BANGKOK (AP) — Asian stock markets rose Wednesday, boosted by a strong U.S. housing report and better-than-expected corporate earnings that eased doubts about the strength of the recovery in the world's No. 1 economy.
U.S. builders started construction on 1 million homes last month, the highest level since June 2008, the Commerce Department reported Tuesday. The government also said consumer prices declined last month as the cost of gas fell sharply while food prices were unchanged, the latest evidence that inflation is in check.
On the corporate side, robust quarterly earnings provided additional reason to wade back into stocks. Coca-Cola, the world's biggest beverage maker, reported first quarter earnings that beat Wall Street forecasts. As of Monday, 34 companies in the Standard & Poor's 500 had reported earnings and 20 had exceeded analysts' expectations.
Japan's Nikkei 225 rose 1 percent to 13,358.81. Hong Kong's Hang Seng swung between gains and losses to flatten out at 21,661.08.
Australia's S&P/ASX 200 added 0.9 percent to 4,994.70. Benchmarks in Singapore, Indonesia and the Philippines also rose. But South Korea's Kospi slipped 0.1 percent to 1,920.40 as tensions lingered on the Korean Peninsula.
Analysts at DBS Bank Ltd. in Singapore suggested the U.S. housing data was not all that spectacular, since it reflects a big jump not in single family homes but in apartment construction, which is typically volatile.
"Still, you'd have to say it was a good day for data, especially in light of what's been seen over the past three weeks," DBS said, referring to weak hiring, manufacturing and retail sales reports that had suggested the U.S. economy was cooling.
Investors chose to put aside the International Monetary Fund's dour assessment of global growth. The IMF on Tuesday said it was lowering its outlook for the world economy this year, predicting that government spending cuts will slow U.S. growth and keep the euro currency countries in recession. The international lending organization cut its forecast for global growth to 3.3 percent this year, down from its January forecast of 3.5 percent.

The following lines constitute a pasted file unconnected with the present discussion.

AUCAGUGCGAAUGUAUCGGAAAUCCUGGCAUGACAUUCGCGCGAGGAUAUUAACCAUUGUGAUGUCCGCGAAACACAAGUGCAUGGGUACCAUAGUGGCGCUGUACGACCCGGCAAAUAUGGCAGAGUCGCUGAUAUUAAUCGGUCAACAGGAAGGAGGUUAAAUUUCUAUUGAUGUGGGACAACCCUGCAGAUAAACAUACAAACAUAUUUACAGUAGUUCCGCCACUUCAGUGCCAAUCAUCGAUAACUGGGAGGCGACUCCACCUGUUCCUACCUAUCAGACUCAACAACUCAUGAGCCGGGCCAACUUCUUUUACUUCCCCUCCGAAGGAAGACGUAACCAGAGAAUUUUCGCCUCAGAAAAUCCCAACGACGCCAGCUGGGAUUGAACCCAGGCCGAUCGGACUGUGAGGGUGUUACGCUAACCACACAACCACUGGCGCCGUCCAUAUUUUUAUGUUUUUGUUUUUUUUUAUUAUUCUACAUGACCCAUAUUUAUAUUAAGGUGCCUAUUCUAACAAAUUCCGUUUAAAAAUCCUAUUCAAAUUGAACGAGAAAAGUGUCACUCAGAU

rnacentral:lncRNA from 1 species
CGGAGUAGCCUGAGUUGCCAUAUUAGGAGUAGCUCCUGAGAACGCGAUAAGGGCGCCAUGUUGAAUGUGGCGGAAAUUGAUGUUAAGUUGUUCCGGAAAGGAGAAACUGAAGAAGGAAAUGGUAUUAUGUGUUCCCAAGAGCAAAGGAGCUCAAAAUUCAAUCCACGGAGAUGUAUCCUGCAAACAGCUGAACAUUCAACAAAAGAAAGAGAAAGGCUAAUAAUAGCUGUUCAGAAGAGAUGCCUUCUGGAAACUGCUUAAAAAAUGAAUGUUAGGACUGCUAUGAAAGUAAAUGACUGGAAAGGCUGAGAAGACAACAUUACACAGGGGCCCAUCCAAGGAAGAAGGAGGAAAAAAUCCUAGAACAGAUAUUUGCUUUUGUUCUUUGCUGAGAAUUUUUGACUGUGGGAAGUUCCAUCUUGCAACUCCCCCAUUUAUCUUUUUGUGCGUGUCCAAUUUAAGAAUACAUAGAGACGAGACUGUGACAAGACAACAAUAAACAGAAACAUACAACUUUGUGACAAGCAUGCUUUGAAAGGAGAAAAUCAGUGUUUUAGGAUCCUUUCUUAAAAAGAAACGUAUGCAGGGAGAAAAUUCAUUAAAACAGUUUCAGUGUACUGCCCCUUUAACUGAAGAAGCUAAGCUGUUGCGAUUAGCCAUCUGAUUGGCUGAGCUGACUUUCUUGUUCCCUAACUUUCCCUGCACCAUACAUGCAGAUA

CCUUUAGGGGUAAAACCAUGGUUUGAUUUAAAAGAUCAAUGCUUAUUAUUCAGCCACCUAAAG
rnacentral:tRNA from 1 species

Lorraine Tan, director at Standard & Poor's equity research in Singapore, said investors mostly regarded the IMF's initial numbers as too optimistic. Thus the lowering of its global growth outlook didn't sting all that much.
"Global growth is continuing to move along. That should be a positive," Tan said.
Among individual stocks, Japan's Komatsu rose 2 percent after the heavy machinery maker said it will start selling automatic bulldozers in North America in June, Kyodo News reported. Mazda Motor Corp. jumped 4.9 percent.
Wall Street rebounded Tuesday after its worst day so far this year. The Dow Jones industrial average rose 1.1 percent to close at 14,756.78. The S&P 500 index rose 1.4 percent to 1,574.57. The Nasdaq composite rose 1.5 percent to 3,264.63.
European markets posted further declines Tuesday in the wake of a downbeat investor survey for Germany. The closely watched ZEW index fell from 48.5 points to 36.3 in April in a sign of growing investor fears over the strength of the German recovery amid widespread debt problems in Europe.
Oil prices flattened out after some wild swings. Benchmark oil for May delivery was down 2 cents to $88.70 per barrel in electronic trading on the New York Mercantile Exchange. The contract rose 1 cent to close at $88.72 on the Nymex on Tuesday.
In currencies, the euro fell to $1.3175 from $1.3188 late Tuesday in New York. The dollar rose to 98.23 yen from 97.44 yen.
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